Formula 1 plots "dramatic" plane-like front wings for 2021 overhaul

Formula 1 has revised the wing designs that will form a key part of 2021 car concepts and moved towards a more "dramatic" aesthetic with an aeroplane-like style

Formula 1 plots "dramatic" plane-like front wings for 2021 overhaul

Last month a 50% scale model of F1's 2021 blueprint underwent its first windtunnel tests, with the rulemakers encouraged by the results as they bid to make cars easier to follow and improve racing.

In the design revealed on F1.com, the nose attached directly to the front wing mainplane and the current five wing elements had been cut to three with simple, wide endplates.

The rear wing transitioned directly into the endplates and struts, which ran straight down.

Now F1 has revealed that the car, which has been given the name Lima, has been redesigned to feature "more elegant and dramatic front and rear wings".

No new images have been revealed publicly, but teams were shown the new design on Monday.

F1 chief technical officer Pat Symonds and FIA head of single seater technical matters Nicolas Tombazis have focused on refining the front wing, which will be given a "futuristic sweeping" design instead of being straight.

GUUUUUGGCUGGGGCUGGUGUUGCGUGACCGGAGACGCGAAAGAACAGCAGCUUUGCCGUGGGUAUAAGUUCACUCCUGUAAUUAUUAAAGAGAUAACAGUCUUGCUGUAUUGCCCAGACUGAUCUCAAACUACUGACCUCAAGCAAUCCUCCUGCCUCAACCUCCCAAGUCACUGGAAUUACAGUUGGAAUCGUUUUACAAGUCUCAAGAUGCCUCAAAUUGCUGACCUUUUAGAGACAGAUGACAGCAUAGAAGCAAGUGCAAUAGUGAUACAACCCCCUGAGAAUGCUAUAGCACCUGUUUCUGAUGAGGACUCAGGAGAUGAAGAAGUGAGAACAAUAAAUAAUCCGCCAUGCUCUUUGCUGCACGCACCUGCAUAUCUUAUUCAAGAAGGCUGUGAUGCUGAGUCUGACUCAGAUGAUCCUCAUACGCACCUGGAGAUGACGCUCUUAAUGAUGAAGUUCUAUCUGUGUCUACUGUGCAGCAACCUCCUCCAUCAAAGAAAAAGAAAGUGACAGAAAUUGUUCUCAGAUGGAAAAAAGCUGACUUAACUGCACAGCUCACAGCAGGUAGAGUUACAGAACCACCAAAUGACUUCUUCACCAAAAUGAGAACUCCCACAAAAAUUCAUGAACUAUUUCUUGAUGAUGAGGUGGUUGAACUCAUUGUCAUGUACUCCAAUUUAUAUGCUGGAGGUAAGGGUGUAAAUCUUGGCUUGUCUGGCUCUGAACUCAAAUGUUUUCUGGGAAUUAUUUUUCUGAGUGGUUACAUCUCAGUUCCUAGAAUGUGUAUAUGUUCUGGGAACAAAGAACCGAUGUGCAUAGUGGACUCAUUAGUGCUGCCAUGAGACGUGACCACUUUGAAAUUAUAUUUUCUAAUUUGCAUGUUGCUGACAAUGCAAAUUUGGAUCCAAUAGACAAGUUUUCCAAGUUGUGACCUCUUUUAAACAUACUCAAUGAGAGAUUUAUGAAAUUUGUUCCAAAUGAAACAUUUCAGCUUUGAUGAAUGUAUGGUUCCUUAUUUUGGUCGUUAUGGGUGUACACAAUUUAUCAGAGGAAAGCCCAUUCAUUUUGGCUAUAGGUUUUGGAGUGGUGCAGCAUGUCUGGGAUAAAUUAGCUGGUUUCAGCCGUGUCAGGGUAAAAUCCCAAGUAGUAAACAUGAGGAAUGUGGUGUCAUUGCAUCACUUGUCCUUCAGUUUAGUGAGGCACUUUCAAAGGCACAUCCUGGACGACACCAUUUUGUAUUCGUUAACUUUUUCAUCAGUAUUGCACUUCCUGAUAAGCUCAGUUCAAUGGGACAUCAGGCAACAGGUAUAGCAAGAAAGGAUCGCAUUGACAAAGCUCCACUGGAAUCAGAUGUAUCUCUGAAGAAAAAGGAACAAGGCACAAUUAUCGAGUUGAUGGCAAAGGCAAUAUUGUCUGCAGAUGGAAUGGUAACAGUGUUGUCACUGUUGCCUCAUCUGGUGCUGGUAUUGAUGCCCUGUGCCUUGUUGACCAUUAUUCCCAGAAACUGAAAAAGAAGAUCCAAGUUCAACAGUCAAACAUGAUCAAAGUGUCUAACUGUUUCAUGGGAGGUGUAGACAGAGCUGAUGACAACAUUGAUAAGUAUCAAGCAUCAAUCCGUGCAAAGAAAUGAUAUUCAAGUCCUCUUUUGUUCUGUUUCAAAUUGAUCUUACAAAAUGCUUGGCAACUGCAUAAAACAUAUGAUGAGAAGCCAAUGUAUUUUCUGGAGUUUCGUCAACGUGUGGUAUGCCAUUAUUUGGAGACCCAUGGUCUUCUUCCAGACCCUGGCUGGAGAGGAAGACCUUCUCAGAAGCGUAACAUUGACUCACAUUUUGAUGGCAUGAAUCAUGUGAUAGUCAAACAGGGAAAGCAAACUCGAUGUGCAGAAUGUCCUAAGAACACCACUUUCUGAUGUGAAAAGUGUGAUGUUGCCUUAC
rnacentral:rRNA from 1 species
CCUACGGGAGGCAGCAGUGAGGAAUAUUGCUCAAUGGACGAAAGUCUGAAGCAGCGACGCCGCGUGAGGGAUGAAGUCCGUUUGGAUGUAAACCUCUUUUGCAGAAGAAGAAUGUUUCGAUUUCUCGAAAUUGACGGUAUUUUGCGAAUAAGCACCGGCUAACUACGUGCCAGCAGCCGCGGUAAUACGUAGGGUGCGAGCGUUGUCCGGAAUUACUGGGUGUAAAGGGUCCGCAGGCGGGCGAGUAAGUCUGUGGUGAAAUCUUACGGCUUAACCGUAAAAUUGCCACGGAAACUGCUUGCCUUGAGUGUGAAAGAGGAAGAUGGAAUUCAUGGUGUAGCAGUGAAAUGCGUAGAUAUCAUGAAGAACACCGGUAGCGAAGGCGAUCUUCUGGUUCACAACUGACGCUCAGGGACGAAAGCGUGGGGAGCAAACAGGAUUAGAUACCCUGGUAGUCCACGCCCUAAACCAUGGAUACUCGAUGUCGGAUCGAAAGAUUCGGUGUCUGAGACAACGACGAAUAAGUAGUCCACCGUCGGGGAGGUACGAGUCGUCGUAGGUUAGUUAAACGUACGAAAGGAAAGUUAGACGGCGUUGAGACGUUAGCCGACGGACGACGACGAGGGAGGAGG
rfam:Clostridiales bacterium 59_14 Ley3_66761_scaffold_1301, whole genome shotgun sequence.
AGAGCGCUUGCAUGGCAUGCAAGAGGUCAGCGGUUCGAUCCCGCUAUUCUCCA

Additionally, the two-metre wide front wing endplates will now point upwards "dramatically, much like the wing tip on a passenger plane".

This will be a free area for teams to develop.

According to F1, the rear wing will also be made wider and the endplates and struts will curve inwards for aesthetic reasons.

Other changes include lowering the tip of the nose by "around 25mm", a reprofiled floor, raising the chassis and giving drivers more space with a higher headrest and roll hoop.

Windtunnel testing of 'Lima' will continue until the 2021 rules are published next month.

This will include evaluating whether the front wing can be made narrower without harming efforts to reduce the turbulent air it creates.

Though giving the cars a distinct new look is part of the target for 2021 and beyond, allowing them to race better has been the chief objective.

Last month, Symonds said the results were "actually beyond what I thought we could achieve when we started the project".

"With the configurations we have got at the moment, the results are exceptional," he added.

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